Interested in learning more? Let’s connect to discuss how CarrierHQ can benefit your overall classification risk strategy.

Schedule a demo | Email sales@freightrover.com | Call 866-621-4145

 

FreightRover’s PayEngine provides a mutually beneficial supply chain finance program for companies and their vendors. Companies benefit from extended pay terms to improve working capital while providing their suppliers with tailored options for accelerated receivables.

Despite the wins supply chain finance provides both parties, many companies hesitate to implement a structured payable program due to balance sheet concerns. Poorly managed programs can result in trade payables reclassifications to debt, which negatively impact leverage ratios and debt covenants.

PayEngine’s program meets all trade payables accounting standards to protect a company’s balance sheet and bottom line. Following is our guide to understand the difference between a trade payable and debt in a supply chain finance program.

The First Question:
Has the economic substance of the trade payable changed?

When accountants review payables classifications on the balance sheet, they look at each of the following categories to assess if the trade payable has been modified in such a way that it is creating a financing cash inflow that benefits the company. Accountants will look at the categories collectively to assess the entire supply chain finance program as well.

Terms:

  • Settlement of trade payables cannot take place at a date later than or for an amount other than what is stated on the original invoice upon submission to a third-party payor. Doing so would be considered borrowing, which is debt.
  • A new trade payables arrangement cannot change the terms between a supplier and a third-party payor that’s inconsistent with normal trade payables terms.
  • The company cannot participate in or influence term negotiations between the supplier and third-party payor. The vendor and third-party must negotiate directly.

Population Impacts:

  • A trade payables arrangement must apply to a broad range of suppliers. However, the program does not need to include all suppliers. Companies can extend days to pay without all vendors accepting the new terms if most suppliers do comply.
  • Supplier participation in a supply chain finance program must be voluntary. If enrolling is required to maintain a relationship with the company, a debt reclassification may be required.
  • Should a large majority of suppliers impacted by extended pay terms select an accelerated pay option, which marks a significant change from the previous arrangement, this could trigger a debt reclassification. For example, if a company extends terms from 30 days to 120 days and now most of their supplier base elects to monetize receivables and did not prior to the change, this would require review as potential debt.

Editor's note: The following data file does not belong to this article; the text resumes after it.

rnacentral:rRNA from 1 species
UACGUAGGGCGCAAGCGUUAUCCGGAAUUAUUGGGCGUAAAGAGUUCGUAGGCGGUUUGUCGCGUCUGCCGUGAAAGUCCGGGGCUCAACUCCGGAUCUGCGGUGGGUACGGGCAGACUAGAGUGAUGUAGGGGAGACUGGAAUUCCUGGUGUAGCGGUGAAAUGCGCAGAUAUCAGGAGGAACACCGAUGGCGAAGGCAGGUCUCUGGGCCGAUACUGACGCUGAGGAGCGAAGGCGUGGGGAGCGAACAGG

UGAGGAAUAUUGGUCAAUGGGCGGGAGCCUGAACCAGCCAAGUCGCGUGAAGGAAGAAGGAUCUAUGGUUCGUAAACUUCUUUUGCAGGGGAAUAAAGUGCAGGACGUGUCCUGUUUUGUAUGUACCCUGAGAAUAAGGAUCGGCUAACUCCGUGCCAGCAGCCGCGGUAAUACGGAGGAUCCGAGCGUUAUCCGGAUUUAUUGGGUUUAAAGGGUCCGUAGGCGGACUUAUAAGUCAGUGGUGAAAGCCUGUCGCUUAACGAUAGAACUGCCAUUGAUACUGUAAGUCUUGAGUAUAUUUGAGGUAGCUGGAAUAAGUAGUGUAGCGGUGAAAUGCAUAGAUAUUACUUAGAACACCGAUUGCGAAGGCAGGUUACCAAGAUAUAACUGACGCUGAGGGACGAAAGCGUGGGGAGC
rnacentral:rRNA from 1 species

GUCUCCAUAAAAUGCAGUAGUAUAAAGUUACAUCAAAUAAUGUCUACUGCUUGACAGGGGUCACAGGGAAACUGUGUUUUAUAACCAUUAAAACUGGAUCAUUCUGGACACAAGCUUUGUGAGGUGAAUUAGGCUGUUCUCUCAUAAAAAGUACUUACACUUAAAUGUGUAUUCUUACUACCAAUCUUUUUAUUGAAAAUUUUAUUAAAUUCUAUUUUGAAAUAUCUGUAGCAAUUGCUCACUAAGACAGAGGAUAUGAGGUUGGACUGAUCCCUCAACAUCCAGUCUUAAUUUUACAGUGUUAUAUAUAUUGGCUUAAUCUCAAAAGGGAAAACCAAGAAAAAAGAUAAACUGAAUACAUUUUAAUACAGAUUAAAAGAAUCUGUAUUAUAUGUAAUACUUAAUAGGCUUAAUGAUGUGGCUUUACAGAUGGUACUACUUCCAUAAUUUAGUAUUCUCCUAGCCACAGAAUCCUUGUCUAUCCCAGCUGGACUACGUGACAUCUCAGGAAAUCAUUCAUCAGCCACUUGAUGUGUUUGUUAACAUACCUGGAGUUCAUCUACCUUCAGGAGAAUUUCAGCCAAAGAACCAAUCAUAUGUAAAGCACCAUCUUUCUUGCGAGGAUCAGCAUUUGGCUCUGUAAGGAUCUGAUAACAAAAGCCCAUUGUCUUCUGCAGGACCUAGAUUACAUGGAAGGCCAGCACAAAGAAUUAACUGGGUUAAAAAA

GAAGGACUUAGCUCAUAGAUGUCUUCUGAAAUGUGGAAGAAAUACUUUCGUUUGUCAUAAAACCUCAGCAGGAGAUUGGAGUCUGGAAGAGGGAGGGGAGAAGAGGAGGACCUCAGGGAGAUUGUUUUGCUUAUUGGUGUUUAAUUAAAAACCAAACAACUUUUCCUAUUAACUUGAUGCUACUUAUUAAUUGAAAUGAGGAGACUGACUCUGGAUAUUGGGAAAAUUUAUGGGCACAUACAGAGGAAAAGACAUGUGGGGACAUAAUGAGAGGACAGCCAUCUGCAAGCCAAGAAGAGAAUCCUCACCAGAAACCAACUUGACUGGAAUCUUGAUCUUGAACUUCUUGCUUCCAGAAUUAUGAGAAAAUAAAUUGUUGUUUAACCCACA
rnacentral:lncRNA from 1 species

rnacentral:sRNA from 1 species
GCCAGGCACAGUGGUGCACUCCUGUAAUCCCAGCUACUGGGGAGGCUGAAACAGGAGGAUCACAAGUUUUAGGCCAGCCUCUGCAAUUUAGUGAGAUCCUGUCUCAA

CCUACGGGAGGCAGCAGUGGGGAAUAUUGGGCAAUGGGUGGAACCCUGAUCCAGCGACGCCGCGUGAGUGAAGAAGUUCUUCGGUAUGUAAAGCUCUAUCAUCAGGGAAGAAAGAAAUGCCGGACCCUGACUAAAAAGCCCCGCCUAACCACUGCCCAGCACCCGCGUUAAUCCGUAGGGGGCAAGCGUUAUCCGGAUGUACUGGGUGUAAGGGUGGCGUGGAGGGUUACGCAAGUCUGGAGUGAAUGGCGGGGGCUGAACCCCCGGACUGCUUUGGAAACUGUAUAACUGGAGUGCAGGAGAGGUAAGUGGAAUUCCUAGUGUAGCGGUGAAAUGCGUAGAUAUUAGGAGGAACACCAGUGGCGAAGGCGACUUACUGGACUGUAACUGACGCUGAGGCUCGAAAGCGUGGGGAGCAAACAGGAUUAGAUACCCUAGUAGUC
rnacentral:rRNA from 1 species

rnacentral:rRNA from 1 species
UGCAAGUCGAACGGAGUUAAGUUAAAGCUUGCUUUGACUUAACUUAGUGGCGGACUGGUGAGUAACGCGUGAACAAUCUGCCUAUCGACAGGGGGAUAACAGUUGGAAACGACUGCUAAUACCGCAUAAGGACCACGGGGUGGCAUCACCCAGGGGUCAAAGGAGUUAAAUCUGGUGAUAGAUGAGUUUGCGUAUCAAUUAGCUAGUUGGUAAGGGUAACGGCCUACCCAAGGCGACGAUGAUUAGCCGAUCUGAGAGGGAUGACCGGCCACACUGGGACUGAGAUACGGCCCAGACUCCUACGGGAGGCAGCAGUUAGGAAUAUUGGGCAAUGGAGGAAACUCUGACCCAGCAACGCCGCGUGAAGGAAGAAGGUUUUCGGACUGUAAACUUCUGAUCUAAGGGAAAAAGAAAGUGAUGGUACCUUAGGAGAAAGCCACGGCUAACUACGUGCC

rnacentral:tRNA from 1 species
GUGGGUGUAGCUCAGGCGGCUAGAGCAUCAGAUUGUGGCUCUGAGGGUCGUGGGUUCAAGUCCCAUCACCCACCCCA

Benchmarks:

  • Companies can extend pay terms to align days payable outstanding or other working capital ratios with peers without changing the structure of their payables to debt financing. As a reference point, the US average across the largest 1000 companies currently is 57 days.
  • Trade payables should not include the accrual of interest prior to when the trade payables become due. Late payments can incur interest without reclassification impact.

Credits:

  • A company must retain its negotiation rights with the vendor directly and have the ability to withhold payment. Application of credits must be consistent with past practices. For example, if a company places a freight claim against a carrier, they should have the ability to withhold payment to the carrier until the issue is resolved. If a third-party payor compensates the carrier prior to the completion of the claim negotiation, and the company must arrange for a credit that’s inconsistent with how they’ve traditionally done business with the carrier, there could be a debt implication.
  • Whether or not a vendor decides to monetize their receivable cannot impact the company’s cost of goods sold or services received from a vendor. The third-party’s arrangement with the vendor and company must be independent of the other party’s interests. Therefore, a company cannot pay a vendor more to offset the cost of accelerated receivables.

Legal Characteristics:

  • Companies cannot change the legal characteristic of trade payables. Events that indicate characteristic changes include: immediate draw-down of credit lines, altering trade payable seniorities, securing trade payables through collateral, or incorporating default provisions.
  • In general, trade payables cannot have guarantees. However, in the case of a parent company being “jointly and severally liable for a subsidiary’s obligation,” a reclassification may not be required if it is the sole indication of a debt trait.

Impact of Third-Party Payor:

  • Implementing a structured payables program may be part of a larger accounting outsourcing strategy. This could include using a third-party platform like FreightRover’s PayEngine, which includes posting invoices and assigning accounts for fund withdrawals as payables reach their maturity date.